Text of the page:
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Central European Journal of Immunology
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Experimental immunology

Molecular characterization and analysis of TLR-1 in rabbit tissues

Wael M.K. Elfeil, Abdelazeem M. Algammal, Reham R. Abouelmaatti, Ahmed Gerdouh, Mohamed Abdeldaim

(Cent Eur J Immunol 2016; 41 (3): 236-242)
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Knowledge of the rabbit’s immune system is of vital importance where rabbit is used as a meat source, fur source and as a model animal for infectious diseases and other inflammatory responses [1]. The rabbit has been a model for immunology studies since 1960s [2, 3]. In the last years, several studies have been performed in the European rabbit and other leporid’s innate immune system [4-9]. However, only one was about TLRs [6]. Toll-like receptors in fishes, birds and mammals have been evolving under positive selection [10-18]. However, relatively little immunological knowledge exists for the rabbit, compared to that available for the human or mouse. Innate immunity is believed to be essential for the removal of invading microbes as well as the control of their systemic spreading. Mammalian toll-like receptors are members of the pattern recognition receptor (PRR) family and play a major role in the initiation of innate immune responses and the subsequent adaptive immune responses against the invading pathogens [19, 20]. Members of the TLR family are necessary for the immune function through the sensing of pathogenic agents and initiation of a proper immune response. More specifically, tissue and cell specific TLR expression patterns have been correlated with the ability to respond to different pathogenic challenges [16, 21-23]. Detection of pathogens by the acquired immune system requires their prior recognition and presentation by cells of the innate immune system, so it plays a major role during outbreaks of new infectious threats mainly when pathogens are able to avoid the immune detection [24]. TLRs help the body to distinct foreign from self-tissue, so their function begins at the earliest stages of immune development [16, 25-30]. In addition, TLRs are able to differentiate between pathogenic agents and commensals. Factors such as the site and amount of each TLR are mainly involved in this process [16, 21, 31]. Recognition of foreign molecules is based on the detection of molecular patterns. These pathogen-associated molecular patterns include molecules such as flagellin, lipopolysaccharide (LPS), lipoproteins, bacterial DNA and unmethylated dinucleotide. The ability of TLRs to recognize a broad spectrum of microbial molecules enables the host to detect the presence of pathogens rapidly, before a more widespread infection occurs [32-38]. Several studies had proved an association between the TLR gene polymorphisms and the occurrence of the disease [15-17, 39-41]. In addition to their role in both bacterial and viral infections, TLRs also recognize and are activated by endogenous molecules associated with damaged cells and tissues [42-44]. TLR1 is a member of the Toll-like receptor family of pattern recognition receptors of the innate immune system. TLR1 recognizes the pathogen-associated molecular pattern with a specificity for gram-positive bacteria. TLR1 has been designated as CD281 [20]. The TLR2/TLR1 form a heterodimer that recognizes a variety of lipoproteins, including those from mycobacteria and meningococci, TLR1-deficient macrophages show normal responses to triacyl lipopeptides but not to diacyl lipopeptides [45, 46].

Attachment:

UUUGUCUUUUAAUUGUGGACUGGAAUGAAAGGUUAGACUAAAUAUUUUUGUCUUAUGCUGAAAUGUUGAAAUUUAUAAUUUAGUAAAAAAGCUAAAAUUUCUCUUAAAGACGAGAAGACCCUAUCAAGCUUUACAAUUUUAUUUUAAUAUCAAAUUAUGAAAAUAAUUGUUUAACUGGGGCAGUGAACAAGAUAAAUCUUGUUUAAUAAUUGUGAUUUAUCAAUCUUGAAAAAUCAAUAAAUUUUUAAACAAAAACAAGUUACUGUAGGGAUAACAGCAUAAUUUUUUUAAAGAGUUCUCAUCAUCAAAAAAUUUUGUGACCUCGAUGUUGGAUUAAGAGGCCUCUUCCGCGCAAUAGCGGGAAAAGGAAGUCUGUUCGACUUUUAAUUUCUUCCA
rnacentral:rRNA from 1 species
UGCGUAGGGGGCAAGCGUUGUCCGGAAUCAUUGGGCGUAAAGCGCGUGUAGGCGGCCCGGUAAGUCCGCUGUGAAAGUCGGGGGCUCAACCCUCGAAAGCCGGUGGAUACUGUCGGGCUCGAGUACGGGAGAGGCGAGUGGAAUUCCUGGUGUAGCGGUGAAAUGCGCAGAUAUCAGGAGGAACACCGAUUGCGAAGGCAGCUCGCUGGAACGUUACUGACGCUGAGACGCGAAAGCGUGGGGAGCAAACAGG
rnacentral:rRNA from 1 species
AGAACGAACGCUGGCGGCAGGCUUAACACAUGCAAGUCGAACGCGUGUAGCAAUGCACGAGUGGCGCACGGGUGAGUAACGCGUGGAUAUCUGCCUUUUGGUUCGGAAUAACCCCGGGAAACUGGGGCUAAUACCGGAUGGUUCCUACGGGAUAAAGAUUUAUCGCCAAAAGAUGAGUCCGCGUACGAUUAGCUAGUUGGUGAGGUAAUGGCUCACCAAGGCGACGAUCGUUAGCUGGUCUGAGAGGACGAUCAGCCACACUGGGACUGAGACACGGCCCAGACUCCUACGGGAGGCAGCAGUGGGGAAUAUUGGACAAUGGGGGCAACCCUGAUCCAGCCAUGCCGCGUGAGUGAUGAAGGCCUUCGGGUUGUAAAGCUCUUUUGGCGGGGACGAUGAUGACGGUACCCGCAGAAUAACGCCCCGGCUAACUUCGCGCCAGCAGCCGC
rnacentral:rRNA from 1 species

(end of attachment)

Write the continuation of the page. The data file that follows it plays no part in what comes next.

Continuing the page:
Our work was aimed to identify, characterize, clone and detect tissue expression of the rabbit (Oryctolagus cuni­culus) TLR-1.

Material and methods